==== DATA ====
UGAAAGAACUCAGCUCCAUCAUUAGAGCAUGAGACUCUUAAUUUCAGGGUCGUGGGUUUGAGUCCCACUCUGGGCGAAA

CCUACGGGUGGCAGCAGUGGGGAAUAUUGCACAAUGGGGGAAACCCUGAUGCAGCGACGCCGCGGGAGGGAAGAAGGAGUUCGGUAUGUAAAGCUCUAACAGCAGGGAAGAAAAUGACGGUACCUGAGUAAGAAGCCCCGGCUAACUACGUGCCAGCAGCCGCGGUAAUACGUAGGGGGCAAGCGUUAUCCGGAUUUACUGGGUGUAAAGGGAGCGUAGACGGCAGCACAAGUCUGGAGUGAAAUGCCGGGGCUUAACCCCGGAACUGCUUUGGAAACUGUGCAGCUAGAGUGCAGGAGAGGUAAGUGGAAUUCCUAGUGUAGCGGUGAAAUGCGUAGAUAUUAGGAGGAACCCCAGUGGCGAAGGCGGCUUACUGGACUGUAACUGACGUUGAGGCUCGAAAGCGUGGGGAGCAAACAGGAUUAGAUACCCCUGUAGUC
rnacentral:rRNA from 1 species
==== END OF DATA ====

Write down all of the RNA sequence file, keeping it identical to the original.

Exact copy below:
UGAAAGAACUCAGCUCCAUCAUUAGAGCAUGAGACUCUUAAUUUCAGGGUCGUGGGUUUGAGUCCCACUCUGGGCGAAA

CCUACGGGUGGCAGCAGUGGGGAAUAUUGCACAAUGGGGGAAACCCUGAUGCAGCGACGCCGCGGGAGGGAAGAAGGAGUUCGGUAUGUAAAGCUCUAACAGCAGGGAAGAAAAUGACGGUACCUGAGUAAGAAGCCCCGGCUAACUACGUGCCAGCAGCCGCGGUAAUACGUAGGGGGCAAGCGUUAUCCGGAUUUACUGGGUGUAAAGGGAGCGUAGACGGCAGCACAAGUCUGGAGUGAAAUGCCGGGGCUUAACCCCGGAACUGCUUUGGAAACUGUGCAGCUAGAGUGCAGGAGAGGUAAGUGGAAUUCCUAGUGUAGCGGUGAAAUGCGUAGAUAUUAGGAGGAACCCCAGUGGCGAAGGCGGCUUACUGGACUGUAACUGACGUUGAGGCUCGAAAGCGUGGGGAGCAAACAGGAUUAGAUACCCCUGUAGUC
rnacentral:rRNA from 1 species